"The male body is home to me, my rocket, my whirlpool." So wrote Naomi Wolf in her book, "Fire With Fire" which will soon be required reading along the campaign trail. Wolf--sometimes a feminist, sometimes not, but always controversial--has just been revealed as a secret Al Gore campaign adviser, apparently teaching the vice president how to be a rocket and a whirlpool. Some of us, though, would settle for just plain Al Gore.

But it is more and more clear that no one, least of all Al Gore, knows who that is. This is why he moved his campaign headquarters from Washington to Nashville, why he has gotten some new suits (it's the whirlpool look), and often appears in leisure clothing. He is newly energetic, sometimes manic and moves like a character in some speeded-up silent movie. I suppose this is what happens when you're a rocket.

The Esquire magazine piece from which I took that quote from Wolf's book is full of other quotes, none of which I can repeat. Wolf is awfully explicit about sex, and sex is a lot of what she talks about. She has prescribed "sexual gradualism" for teen-agers--a kind of middle ground between abstinence and sexual intercourse. Kids would sort of feel their way from one step to another, but never go all the way. She wrote this, she said, "in the first person sexual."

Say what you will about Wolf, she's been more candid about sex than Gore's been about her. He made her a campaign consultant at an astounding $15,000 a month. (It's since been reduced to $5,000.) Her salary was filtered through first one consulting firm and then another in an apparent attempt to conceal her from the press. (Who else is on the payroll, Al--Richard Simmons?) What's more, Wolf was pulling down her big bucks at a time when the Gore campaign was throwing people overboard, trying to save some money and being criticized for being consultant-heavy. She must be worth plenty.

But for what? Time magazine, which broke the story, and The Washington Post, which expanded it, tell us that she sits in on strategy meetings and helped Gore prepare for his debate with Bill Bradley. (Is Bradley's coach Phil Jackson?) She's told him to "speak from the heart" which, given how Gore has recounted his family's tragedies, I thought he was already doing. She also--and this is critical--reportedly advised her candidate to use more olive green, brown and shades of tan in his wardrobe. Gore has complied. The polls have yet to record the difference.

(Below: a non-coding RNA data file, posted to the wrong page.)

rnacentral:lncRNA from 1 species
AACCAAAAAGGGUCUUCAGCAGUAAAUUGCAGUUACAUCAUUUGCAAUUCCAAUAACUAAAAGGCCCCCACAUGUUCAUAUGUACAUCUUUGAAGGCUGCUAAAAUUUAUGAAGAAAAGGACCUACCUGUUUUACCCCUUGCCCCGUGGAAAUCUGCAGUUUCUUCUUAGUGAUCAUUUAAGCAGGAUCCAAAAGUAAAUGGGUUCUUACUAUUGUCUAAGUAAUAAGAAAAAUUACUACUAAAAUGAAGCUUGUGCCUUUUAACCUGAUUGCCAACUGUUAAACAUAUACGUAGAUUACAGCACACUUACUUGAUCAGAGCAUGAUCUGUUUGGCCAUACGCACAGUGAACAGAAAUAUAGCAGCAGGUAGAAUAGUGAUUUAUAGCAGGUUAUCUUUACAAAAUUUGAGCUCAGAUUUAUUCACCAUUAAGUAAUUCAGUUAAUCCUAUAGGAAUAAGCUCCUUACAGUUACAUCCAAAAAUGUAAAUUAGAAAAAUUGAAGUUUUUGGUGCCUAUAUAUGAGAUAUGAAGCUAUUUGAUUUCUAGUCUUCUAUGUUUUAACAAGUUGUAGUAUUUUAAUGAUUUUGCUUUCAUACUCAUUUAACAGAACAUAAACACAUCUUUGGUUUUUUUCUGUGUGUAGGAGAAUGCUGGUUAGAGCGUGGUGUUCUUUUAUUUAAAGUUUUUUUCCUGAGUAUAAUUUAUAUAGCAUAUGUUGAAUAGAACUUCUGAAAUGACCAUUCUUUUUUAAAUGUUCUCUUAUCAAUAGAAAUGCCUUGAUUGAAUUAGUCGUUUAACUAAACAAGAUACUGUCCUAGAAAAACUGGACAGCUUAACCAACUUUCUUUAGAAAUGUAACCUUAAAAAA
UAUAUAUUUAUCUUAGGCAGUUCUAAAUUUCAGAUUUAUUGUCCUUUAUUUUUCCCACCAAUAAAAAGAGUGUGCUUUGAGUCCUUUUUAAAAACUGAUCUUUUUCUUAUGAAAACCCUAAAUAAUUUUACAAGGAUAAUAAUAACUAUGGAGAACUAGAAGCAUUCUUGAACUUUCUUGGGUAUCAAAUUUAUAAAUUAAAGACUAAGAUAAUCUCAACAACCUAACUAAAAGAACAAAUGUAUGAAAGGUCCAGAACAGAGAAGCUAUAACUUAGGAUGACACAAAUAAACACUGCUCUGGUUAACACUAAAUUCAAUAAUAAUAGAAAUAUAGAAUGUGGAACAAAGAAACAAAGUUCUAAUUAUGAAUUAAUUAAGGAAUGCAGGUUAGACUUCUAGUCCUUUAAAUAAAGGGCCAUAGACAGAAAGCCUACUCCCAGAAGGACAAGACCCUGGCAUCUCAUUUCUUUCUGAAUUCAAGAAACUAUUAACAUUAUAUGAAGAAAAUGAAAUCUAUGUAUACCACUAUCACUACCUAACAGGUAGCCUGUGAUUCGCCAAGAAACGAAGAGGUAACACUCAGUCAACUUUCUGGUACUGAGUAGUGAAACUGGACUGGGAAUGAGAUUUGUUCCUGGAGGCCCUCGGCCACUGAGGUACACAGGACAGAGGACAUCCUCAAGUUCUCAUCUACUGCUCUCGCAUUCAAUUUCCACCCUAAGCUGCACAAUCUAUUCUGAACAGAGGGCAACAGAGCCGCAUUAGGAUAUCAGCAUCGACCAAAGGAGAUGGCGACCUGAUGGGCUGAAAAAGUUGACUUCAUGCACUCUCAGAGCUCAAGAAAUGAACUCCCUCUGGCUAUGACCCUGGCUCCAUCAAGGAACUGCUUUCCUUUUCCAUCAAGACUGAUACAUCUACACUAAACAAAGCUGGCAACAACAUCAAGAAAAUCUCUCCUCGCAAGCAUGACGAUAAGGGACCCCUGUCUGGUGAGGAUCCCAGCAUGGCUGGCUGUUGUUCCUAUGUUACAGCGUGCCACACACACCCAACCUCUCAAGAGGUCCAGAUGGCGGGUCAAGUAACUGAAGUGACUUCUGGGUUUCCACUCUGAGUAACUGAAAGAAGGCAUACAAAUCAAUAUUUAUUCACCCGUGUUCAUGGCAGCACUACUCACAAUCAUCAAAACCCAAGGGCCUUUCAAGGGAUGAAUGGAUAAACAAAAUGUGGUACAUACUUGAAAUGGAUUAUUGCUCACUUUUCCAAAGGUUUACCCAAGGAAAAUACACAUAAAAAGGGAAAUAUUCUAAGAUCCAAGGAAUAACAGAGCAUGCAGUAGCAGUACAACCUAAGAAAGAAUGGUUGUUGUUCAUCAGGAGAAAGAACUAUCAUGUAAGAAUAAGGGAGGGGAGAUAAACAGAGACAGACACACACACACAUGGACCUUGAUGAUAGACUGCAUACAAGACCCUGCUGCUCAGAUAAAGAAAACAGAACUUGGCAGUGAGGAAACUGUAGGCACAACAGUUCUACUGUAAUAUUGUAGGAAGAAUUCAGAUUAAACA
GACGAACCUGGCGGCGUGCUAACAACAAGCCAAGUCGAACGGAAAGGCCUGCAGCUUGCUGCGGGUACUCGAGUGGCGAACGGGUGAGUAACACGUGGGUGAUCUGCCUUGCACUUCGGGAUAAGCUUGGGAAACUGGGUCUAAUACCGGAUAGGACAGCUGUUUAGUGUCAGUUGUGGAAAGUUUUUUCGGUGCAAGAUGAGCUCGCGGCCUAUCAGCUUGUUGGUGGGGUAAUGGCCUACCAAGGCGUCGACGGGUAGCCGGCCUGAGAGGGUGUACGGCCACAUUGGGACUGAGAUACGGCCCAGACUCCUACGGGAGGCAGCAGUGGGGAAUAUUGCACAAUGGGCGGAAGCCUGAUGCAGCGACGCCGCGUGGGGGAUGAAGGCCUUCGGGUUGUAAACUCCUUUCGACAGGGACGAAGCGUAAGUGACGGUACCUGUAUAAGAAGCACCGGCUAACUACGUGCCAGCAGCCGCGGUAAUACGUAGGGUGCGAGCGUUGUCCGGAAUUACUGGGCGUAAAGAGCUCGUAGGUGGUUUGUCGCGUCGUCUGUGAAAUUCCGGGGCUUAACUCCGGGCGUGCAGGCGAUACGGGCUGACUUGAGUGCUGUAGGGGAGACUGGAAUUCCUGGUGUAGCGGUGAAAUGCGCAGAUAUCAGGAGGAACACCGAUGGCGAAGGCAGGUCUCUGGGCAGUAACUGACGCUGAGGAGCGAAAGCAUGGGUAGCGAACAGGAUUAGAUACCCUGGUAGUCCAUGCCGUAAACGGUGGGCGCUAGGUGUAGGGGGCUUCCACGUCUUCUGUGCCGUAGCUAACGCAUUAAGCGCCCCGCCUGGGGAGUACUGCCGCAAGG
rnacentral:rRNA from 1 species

More important (if possible), Wolf has counseled Gore to be tougher, more aggressive--an alpha male who leads the pack and not a beta male who simply follows. Bill Clinton, as we all know, is the alpha male and Gore is the beta one. (Vice presidents, by virtue of the Constitution, are very beta.)

So do not be surprised if, someday soon, you hear Gore growl. Do not be surprised if, at some Rose Garden event, he bares his teeth at Clinton or--in a suit selected by Wolf--sniffs him. He may even come up to him and challenge him to arm wrestle. No one has ever done that to a president before--not in an olive green suit, anyway. This will surely win Gore the respect, admiration and sighs of countless Americans.

In fairness to Wolf, she is relatively young (almost 37), has written much and has said some things that lend themselves to parody. She is smart, a Rhodes scholar and a dandy writer. Her political theories regarding the voting power of women are not silly, and she may well represent a generation that Gore ought to hear from. She is sure right about one thing: Gore is beta all the way--and Naomi Wolf has proved it.

An alpha male would not have hidden her. An alpha male would not have been afraid to be up-front, maybe introducing her to the press and saying--in effect--I'll take your best punch. And an alpha candidate would have realized that Wolf's presence on the payroll was going to leak. After all, she was pulling down big money. Others had been fired. This was Washington. This was politics.

Mostly, though, an alpha candidate would not need Wolf at all. He would not have to be told who he is and how to dress. He would be led by conviction--out of a solid sense of who he is. Gore keeps signaling that's not the case. Maybe, come to think of it, he's a whirlpool after all. His campaign's going down the drain.